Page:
25/08/2003
Press Release
TAD/1950



DEVELOPED COUNTRIES DOMINATE WORLD FDI STOCK


(Reissued as received.)


GENEVA, 25 August (UNCTAD) -- Which regions and countries are the world's biggest magnets for foreign direct investment (FDI)?  A world map showing the size of some countries and regions weighted by the amount of FDI they have attracted over time reveals that developed countries dominate the picture.  One exception is that Japan –- an economic giant -– does not figure prominently as a host country.  Among developing economies, China; Hong Kong, China; and Brazil stand out.


The world's FDI stock stood at $7.1 trillion in 2002, up more than tenfold since 1980 (table 1).  Why does the size of FDI stock matter?  That stock is the basis of international production -- it captures the combined value of all foreign affiliates.  Ebbs and flows in the yearly value of FDI, while important, augment the stock of FDI as long as they are positive.  So the stock of FDI matters more than flows -– for the structure of global specialization, for deepening global integration through production networks, and for generating the benefits associated with FDI and international production.  It also matters for new FDI capital flows arising from the reinvestment of earnings and sequential flows to FDI.  More specifically:


-- The developed worldhosts two thirds of world inward FDI stock in 2002 ($4.6 trillion), mainly distributed inthe United States, the United Kingdom and Germany.


-- The inward FDI stock of developing countries ($2.3 trillion) totalls about a third of their gross domestic product (GDP), almost twice the 19 per cent for developed countries.  Back in 1980, the respective ratios were 13 per cent and 5 per cent.


-- Central and Eastern European countries increased their inward FDI stock substantially, from $3 billion in 1990 to $188 billion in 2002.  As a percentage of GDP, the ratio rose from 1 per cent to 21 per cent over the same period.


-- The 49 least developed countries -– the poorest developing countries -– accounted for 2 per cent of the total inward FDI stock of developing countries in 2002.  This share has not changed much in recent years.  The largest host least developed country is Angola, registering FDI stock on a level comparable to thatin the Philippines.


On the outward side, developed countries are the preponderant suppliers of FDI, accounting for almost nine tenths of the world's outward stock in 2002.  The most striking change in the past 20 years is that the European Union has become by far the largest source.  In 1980, the outward stocks of the Union and the United States were almost equal, at around $215 billion.  But by 2002, the European Union's stock (including intra-European Union stock) had reached $3.4 trillion, more than twice that of the United States ($1.5 trillion).  The gap opened in the 1980s and widened in the late 1990s.  Meanwhile, Japan’s stock has been stable relative to the European Union’s, with the country’s outward stock valued at about a tenth of that of the Union.


Outward FDI stocks have changed even more than inward stocks for developing countries, increasing from 3 per cent of GDP in 1980 to 13 per cent in 2002, the result of the emergence of developing-country transnational corporations.  In 1980, the FDI stock originating in developing countries ($65 billion) accounted for 11 per cent of the global outward FDI stock; by 2002 the corresponding share was 12 per cent.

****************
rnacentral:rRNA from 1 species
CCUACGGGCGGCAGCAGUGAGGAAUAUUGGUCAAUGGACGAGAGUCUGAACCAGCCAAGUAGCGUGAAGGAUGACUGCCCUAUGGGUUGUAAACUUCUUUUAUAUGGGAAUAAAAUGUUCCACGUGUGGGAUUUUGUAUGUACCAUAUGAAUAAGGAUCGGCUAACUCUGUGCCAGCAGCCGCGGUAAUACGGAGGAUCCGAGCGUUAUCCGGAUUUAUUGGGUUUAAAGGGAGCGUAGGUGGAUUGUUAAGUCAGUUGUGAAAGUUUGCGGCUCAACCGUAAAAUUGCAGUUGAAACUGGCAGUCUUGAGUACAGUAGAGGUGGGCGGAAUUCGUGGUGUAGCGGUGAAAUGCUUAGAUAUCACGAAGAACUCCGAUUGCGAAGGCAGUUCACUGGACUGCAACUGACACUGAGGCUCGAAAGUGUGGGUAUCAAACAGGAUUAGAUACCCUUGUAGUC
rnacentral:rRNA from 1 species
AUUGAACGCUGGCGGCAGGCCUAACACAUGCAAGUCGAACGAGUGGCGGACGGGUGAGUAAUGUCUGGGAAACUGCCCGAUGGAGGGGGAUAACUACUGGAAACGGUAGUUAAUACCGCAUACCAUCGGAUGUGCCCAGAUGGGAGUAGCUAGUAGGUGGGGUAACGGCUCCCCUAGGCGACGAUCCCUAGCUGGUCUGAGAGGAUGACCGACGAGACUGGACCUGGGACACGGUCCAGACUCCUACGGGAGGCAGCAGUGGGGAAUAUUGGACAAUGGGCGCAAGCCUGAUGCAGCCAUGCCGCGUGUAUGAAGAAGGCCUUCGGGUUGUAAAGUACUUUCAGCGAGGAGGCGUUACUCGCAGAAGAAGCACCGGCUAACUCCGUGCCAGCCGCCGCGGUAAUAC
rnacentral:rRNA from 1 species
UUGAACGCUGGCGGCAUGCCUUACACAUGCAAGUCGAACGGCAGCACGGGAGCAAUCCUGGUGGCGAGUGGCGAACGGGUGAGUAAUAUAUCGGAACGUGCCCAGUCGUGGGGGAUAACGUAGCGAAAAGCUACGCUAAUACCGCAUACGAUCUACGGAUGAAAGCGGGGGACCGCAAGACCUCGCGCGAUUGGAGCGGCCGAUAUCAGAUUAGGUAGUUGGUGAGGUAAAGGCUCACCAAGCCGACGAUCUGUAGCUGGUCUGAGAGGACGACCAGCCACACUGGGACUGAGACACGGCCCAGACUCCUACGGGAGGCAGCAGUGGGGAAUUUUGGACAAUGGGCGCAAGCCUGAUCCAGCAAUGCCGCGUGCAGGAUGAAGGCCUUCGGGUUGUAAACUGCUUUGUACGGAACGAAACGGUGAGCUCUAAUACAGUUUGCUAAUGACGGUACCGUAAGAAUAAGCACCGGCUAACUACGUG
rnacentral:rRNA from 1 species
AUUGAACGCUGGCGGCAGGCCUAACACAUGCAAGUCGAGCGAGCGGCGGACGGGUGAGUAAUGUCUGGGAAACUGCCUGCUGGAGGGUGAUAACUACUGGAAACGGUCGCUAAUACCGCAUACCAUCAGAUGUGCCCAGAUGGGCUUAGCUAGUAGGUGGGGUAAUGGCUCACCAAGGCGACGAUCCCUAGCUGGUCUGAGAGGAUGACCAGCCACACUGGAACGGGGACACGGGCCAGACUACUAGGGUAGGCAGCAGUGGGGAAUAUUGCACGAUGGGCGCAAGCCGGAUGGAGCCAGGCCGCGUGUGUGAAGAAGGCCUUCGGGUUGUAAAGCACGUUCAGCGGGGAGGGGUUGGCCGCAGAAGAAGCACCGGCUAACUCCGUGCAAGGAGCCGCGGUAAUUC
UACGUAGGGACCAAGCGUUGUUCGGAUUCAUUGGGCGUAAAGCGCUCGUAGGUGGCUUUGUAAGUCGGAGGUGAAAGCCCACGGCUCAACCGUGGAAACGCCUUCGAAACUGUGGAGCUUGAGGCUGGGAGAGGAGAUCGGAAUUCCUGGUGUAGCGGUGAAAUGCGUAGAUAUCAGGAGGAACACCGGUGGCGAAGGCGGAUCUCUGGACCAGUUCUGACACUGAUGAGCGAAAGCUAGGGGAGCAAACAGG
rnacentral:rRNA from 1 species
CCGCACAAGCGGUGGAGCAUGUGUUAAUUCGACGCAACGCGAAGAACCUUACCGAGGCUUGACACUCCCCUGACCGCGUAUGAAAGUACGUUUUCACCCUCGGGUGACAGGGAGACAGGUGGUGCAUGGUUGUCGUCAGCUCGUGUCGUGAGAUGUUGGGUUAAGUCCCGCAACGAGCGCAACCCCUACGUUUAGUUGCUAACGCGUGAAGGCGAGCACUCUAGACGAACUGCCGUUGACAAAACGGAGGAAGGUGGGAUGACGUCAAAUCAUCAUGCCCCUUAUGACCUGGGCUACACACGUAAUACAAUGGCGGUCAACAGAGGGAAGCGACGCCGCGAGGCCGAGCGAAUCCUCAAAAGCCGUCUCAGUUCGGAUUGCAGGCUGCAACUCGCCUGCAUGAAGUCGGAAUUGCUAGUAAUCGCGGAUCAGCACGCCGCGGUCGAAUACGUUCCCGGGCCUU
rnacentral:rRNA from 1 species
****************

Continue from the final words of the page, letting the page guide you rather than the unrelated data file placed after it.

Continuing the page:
The growth rate of outward stock from developing countries in the 1990s was dramatic.  South, East and South-East Asia together comprise the most important developing region for outward FDI stock, with its stock exceeding Japan’s for the first time in 1997 and becoming almost twice as large as Japan’s by 2002.  Latin America and the Caribbean registered a more than threefold increase in its outward FDI stock between 1980 and 2002.


Table 1.  Inward FDI stock, by group of economies, 1980, 1990, 1995, 2000, 2001 and 2002

 (Billions of dollars)


Group of economies

1980

1990

1995

2000

2001

2002


World

  699

 1 954

 3 002

 6 147

 6 607

 7 123


  Developed countries

  392

 1 400

 2 041

 3 988

 4 277

 4 595


  Developing countries

  307

  551

  921

 2 030

 2 174

 2 340


Africa

  32

  51

  78

  145

  158

  171

Latin America and Caribbean

  50

 117

 202

  609

  706

  762

Developing Asia

 216

 340

 583

 1186

 1215

 1305


  Central and Eastern Europe

..

  3

  40

  129

  156

  188


Memorandum:.


Least developed countries

  3

  8

  16

  36

  41

  46


Source:  UNCTAD.


Table 2.  Outward FDI stock, by group of economies, 1980, 1990, 1995, 2000, 2001 and 2002

 (Billions of dollars)


Group of economies

1980

1990

1995

2000

2001

2002


World

564

1763

2901

5992

6319

6866


  Developed countries

499

1629

2584

5155

5488

5988


  Developing countries

65

133

311

817

807

849

Africa

7

21

33

49

43

44

Latin America and Caribbean

52

63

91

160

168

173

South East Asia

5

41

179

594

577

611


  Central and Eastern Europe

..

1

6

19

25

29

Memorandum:.


Least developed countries

..

1

2

3

3

3


Source:  UNCTAD.


This press release was prepared in the context of the World Investment Report 2003.  FDI Policies for Development:  National and International Perspectives, to be released on 4 September 2003 at 17:00 GMT.  For more information, go to:  http://www.unctad.org/wir; or contact the Press Office, tel.:  +41 22 907 58 28, e-mail:  press@unctad.org; or K. Sauvant, +41 22 907 5707, e-mail:  karl.sauvant@unctad.org.


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